Physical Therapy Exercises For Tackling Wrist Pain

carpal tunnel syndrome

Wrist Pain Physical Therapy

Have you got annoying wrist pain that just won’t go away?

Wrist pain is increasingly common in the US and the rest of the Western world due to our continued use of (read: addiction to) computers, smartphones, and other digital devices. I mean, we’re never off them, are we?

Texting, typing, scrolling, and moving a mouse around (especially) all take their toll on the wrists. Our love of sports and floor-based exercise like yoga and Pilates all put additional strain on the wrist too. Think: downward-facing dog, bodyweight planks, and handstands. But having said that, there are many other reasons why you might have wrist pain too.

We know that chronic wrist pain can hinder your daily routine and affect your quality of life quite severely. However, until there is a problem with them, we realize how much we use our wrists every day. Plus, the wrist isn’t just a single joint. It’s a collection of small bones and joints where the forearm and the hand connect. It’s a busy junction – with tendons, ligaments, nerves, and veins all running through the wrist too.

But what can you do about it once wrist pain starts?

Are there any specific exercises you can do to ease the pain?

Well, we’ll get on to that, but before you can take steps to fix it – you need to know what is causing your wrist pain.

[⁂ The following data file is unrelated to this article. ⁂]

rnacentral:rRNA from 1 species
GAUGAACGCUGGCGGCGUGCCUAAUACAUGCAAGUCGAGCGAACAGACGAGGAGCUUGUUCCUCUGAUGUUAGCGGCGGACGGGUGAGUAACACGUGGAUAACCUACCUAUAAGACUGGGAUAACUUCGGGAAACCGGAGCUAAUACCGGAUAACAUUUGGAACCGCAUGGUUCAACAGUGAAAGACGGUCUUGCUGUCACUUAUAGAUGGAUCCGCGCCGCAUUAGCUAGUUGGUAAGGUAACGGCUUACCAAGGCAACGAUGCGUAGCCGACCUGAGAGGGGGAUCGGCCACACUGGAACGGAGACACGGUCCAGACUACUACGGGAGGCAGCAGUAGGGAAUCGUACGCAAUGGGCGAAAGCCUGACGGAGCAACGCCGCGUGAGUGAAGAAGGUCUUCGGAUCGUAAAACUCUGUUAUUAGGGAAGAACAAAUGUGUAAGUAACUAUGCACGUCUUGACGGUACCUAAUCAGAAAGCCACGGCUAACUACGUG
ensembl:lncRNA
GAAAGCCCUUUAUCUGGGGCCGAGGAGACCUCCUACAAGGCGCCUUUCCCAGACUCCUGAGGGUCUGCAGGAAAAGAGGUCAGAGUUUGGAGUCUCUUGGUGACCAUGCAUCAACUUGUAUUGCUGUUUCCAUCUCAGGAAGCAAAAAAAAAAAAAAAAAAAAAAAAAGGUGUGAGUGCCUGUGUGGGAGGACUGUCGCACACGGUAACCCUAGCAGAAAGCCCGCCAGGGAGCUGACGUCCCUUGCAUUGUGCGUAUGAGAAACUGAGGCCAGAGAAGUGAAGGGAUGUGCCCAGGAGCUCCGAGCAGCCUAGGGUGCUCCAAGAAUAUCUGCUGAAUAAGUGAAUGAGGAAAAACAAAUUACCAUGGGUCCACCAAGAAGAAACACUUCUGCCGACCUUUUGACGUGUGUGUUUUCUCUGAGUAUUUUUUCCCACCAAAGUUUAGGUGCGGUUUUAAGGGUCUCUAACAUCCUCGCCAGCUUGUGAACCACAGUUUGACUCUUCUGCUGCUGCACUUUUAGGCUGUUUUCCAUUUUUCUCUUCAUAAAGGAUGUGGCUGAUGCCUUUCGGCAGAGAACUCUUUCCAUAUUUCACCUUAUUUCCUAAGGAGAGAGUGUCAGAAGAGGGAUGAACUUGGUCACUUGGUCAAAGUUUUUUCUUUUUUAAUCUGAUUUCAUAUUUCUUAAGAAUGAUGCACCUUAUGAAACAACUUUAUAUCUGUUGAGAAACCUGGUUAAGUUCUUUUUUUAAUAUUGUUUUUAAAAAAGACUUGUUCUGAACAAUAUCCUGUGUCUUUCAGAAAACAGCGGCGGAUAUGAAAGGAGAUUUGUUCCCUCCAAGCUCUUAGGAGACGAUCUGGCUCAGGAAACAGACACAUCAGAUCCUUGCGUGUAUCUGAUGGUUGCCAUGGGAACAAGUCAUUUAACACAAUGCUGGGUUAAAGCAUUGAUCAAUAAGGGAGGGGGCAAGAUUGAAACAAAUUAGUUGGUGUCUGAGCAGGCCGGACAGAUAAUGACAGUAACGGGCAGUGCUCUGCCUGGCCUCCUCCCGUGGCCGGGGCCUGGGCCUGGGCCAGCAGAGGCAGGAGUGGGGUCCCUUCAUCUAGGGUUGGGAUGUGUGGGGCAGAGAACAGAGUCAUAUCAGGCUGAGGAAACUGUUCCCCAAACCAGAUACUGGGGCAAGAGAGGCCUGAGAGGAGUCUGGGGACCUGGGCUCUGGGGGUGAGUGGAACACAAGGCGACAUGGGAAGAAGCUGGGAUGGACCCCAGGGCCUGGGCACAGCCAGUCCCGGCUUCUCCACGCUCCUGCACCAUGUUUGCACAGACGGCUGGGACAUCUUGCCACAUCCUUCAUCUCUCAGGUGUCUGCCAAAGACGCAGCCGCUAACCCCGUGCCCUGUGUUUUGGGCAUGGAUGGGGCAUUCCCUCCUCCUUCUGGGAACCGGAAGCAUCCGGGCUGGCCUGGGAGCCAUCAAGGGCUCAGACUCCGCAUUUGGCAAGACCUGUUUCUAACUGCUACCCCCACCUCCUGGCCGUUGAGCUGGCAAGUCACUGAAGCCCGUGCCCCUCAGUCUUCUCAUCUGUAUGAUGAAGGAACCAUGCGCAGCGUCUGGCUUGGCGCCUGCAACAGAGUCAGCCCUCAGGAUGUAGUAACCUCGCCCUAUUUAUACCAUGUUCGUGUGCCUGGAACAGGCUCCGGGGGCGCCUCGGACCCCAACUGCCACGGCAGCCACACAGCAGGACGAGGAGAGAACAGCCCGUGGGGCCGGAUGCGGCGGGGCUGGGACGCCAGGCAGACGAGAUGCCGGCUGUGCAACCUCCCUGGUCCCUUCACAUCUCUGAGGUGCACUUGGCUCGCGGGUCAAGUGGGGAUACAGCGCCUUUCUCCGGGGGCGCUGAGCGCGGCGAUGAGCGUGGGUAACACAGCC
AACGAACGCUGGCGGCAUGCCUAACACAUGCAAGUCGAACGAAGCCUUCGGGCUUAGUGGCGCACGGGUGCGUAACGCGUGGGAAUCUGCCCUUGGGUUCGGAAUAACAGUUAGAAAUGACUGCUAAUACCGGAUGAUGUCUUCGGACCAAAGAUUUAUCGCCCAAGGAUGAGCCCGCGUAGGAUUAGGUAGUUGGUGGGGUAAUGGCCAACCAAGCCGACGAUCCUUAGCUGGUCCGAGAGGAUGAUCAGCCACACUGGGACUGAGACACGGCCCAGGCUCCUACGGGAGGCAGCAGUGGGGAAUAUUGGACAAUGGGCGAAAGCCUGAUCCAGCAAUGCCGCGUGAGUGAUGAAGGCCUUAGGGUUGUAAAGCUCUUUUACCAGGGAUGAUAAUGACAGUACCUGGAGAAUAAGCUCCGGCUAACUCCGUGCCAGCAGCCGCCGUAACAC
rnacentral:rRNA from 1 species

What Causes Wrist Pain?

What Causes Wrist Pain?

Pain in the wrist can occur for many reasons, from a traumatic impact, illness, or injury to repetitive strain, auto-immune-related inflammation, or arthritis. It could even be something as simple as an overstretched ligament. The most important thing is to find the root cause so that we can treat it effectively.

This blog explores the leading causes and symptoms of wrist pain and the exercises and treatments that reduce inflammation, decrease pain, and improve wrist, forearm, and hand mobility.

The most common causes of wrist pain are:

  • An injury or sudden trauma to the tendons, ligaments, or bones in the wrist or surrounding structures. This type of pain usually comes on suddenly as a direct result of the injury or impact.
  • Repetitive stress on the wrist from repetitive movements such as typing or moving a computer mouse, other job-related repetition, or sports.

Wrist pain also occurs because of specific medically diagnosable conditions, such as:

Carpal Tunnel Syndrome: This condition occurs when a ligament inside the wrist swells and applies pressure on the nerve. The inflammation associated with Carpal Tunnel Syndrome squeezes the nerve, which leads to weakness, numbness, and pain in the wrist. Patients who have arthritis or diabetes or are obese have a higher risk of developing this condition. We also find it in individuals who carry out repetitive activities as part of their job or use vibrating equipment.

De Quervain’s Disease: This painful condition causes the tendon and the sheath covering the thumb area to swell and inflate. There is no exact reason for this condition other than we often see it with repetitive movements or injuries.  Its symptoms manifest in a specific form of swelling, weakness, and a grating sensation in the thumb, forearm, and wrist.